2. HP Z210 system Intel Core 7 3.1MHz

Applications: UV laser & adhesive caps allow for isolation of pure cells or tissue sections from slide

Pathology Station

  1. Zeiss Axioskop2 microscope
  2. Zeiss AxioCam ICc3 colour camera
  3. Pentium 4 CPU 3.00 Ghz, Microsoft Windows XP Professional Version 2002 Service Pack 3
  4. AxioVision Release 4.8 (06-2009), Carl Zeiss Imaging Solutions GmbH

Applications:Brightfield microscopy of chromosomes, cells, and tissues

Scanning Metasystems Station

  1. Zeiss Axioplan 2 microscope
  2. Zeiss AxioCam MRm
  3. Intel Core i7 CPU 860 @ 2.80GHz, Microsoft Windows XP x32 5.1Service Pack 3
  4. MetaSystems Isis mFISH/mBAND, CGH, Telomere Measurement System, version 5.4.9 (4/18/2011), Metafer Slide Scanning System version 3.8 (2010 MetaSystems GmbH)

Applications:Fluorescence in situ hybridization (FISH), multicolour-FISH (M-FISH), quantitative-FISH (Q-FISH), karyotyping (fluorescent and brightfield); multiple slide platform for metaphase, cells, and FISH signal detection.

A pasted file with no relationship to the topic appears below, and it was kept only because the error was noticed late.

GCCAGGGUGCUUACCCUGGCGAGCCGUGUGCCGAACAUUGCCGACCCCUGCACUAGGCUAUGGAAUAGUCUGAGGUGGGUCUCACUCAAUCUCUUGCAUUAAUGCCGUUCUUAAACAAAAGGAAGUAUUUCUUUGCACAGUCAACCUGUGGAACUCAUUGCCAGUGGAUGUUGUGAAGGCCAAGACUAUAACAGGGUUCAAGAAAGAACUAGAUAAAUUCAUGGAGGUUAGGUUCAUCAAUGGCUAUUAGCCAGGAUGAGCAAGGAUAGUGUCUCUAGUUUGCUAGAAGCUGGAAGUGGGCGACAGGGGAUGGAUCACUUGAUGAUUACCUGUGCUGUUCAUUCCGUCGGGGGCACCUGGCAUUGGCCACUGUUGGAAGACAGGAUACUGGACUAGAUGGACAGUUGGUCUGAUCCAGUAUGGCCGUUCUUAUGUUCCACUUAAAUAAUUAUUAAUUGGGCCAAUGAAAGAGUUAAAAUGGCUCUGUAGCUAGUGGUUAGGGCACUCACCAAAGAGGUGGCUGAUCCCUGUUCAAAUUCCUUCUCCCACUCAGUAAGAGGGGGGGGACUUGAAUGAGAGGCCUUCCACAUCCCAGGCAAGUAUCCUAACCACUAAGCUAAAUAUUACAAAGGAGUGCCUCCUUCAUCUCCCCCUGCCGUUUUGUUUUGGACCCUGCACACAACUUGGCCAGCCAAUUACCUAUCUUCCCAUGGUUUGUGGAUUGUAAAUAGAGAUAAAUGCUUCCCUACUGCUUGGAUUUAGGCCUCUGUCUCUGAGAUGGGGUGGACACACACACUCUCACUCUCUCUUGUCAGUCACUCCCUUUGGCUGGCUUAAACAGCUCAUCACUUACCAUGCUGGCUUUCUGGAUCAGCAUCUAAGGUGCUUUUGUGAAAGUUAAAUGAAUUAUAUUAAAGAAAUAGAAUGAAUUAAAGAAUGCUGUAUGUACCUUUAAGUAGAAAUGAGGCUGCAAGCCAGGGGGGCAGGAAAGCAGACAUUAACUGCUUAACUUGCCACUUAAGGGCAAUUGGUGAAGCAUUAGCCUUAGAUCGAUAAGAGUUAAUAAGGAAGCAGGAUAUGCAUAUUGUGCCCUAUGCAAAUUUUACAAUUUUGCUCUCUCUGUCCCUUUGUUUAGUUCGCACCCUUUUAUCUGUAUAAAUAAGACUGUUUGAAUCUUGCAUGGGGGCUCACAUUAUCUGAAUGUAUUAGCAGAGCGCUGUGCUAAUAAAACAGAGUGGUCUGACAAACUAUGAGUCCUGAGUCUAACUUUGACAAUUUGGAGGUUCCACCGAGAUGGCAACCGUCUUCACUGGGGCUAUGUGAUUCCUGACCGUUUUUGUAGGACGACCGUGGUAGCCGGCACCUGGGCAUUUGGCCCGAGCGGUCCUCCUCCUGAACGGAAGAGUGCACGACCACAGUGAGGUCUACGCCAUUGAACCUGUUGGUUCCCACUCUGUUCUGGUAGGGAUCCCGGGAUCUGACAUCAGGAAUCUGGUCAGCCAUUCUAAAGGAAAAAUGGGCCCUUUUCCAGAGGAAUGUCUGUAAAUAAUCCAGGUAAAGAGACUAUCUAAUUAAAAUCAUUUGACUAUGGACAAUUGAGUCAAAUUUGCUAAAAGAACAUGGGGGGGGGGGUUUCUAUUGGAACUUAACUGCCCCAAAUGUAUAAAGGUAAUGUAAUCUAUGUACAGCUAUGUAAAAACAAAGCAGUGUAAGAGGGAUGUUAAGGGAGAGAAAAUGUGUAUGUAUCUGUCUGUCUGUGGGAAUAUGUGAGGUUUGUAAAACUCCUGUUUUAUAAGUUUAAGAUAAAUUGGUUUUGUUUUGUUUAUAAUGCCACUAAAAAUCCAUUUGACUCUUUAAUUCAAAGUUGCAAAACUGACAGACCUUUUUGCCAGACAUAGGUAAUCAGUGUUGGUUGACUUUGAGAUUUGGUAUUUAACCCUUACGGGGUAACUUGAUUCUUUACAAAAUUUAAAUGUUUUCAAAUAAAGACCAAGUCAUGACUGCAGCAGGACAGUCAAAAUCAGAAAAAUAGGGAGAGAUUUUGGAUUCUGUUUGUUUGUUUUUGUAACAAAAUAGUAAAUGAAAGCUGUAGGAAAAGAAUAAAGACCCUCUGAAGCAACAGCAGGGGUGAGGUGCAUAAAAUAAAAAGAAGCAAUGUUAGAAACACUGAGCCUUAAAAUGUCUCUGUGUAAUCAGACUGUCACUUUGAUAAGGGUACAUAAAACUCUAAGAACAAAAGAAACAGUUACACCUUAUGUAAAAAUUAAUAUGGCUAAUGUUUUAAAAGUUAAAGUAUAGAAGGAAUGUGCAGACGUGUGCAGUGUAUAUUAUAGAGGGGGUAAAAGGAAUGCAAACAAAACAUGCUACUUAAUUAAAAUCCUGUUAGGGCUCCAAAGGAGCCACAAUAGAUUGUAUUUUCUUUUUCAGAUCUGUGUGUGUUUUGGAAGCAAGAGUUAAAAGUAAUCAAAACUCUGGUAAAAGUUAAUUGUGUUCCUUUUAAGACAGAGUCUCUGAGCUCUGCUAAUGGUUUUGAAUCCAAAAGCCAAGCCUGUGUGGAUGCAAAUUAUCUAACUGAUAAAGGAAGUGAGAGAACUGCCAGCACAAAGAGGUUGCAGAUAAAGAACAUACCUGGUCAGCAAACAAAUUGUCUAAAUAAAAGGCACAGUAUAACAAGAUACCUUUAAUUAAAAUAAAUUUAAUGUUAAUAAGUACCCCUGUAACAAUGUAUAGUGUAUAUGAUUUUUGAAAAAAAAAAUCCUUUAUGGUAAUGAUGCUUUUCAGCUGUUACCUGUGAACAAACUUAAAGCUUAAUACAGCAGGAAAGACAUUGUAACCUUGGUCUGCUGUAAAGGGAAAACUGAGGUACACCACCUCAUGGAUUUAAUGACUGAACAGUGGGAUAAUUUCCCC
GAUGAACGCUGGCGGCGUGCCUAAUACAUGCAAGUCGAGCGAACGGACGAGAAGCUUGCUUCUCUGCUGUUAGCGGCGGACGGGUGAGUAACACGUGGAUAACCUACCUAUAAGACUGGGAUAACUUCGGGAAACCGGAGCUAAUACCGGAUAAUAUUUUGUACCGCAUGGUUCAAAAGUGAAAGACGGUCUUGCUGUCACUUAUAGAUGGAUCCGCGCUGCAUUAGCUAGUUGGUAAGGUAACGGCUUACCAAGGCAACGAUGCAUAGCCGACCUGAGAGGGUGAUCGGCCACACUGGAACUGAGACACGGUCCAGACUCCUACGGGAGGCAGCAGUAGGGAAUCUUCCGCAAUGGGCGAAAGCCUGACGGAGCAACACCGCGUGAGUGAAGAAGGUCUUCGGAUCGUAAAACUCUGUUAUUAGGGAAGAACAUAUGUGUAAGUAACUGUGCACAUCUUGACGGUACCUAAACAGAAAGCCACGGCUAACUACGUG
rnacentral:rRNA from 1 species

Server

  1. Windows2K3 and Mac servers recently upgraded to 30TB of storage space with redundant backup storage to come.

Applications: UV laser & adhesive caps allow for isolation of pure cells or tissue sections from slide

Spectral Karyotyping (SKY) Station

  1. Zeiss Axioplan 2 microscope
  2. ASI SpectraCubeTM Model COOL-1300QS
  3. Intel "Pentium" 4 CPU 3.00 GHz, Microsoft Windows XP Professional Version 2002 Service Pack 3
  4. Case Data Manager Version 6.0.0.16 Copyright 2003-2009 (includes the software Spectral Imaging, SkyView, FishView, and BandView)

Applications:Spectral karyotyping (SKY) of mouse and human chromosomes, FISH, CGH, CGH array, spectral FISH, G-banding, karyotyping

Super Resolution Imaging Station

  1. Zeiss AxioObserver.Z1
  2. Zeiss ELYRA PS.1 module
  3. Zeiss camera Andor iXon 885
  4. LSM 710 34-channel light source
  5. Windows 7 Ultimate Copyright 2009 Microsoft Corporation Intel "Xeon" CPU X5650 2.67 GHz (2 processors)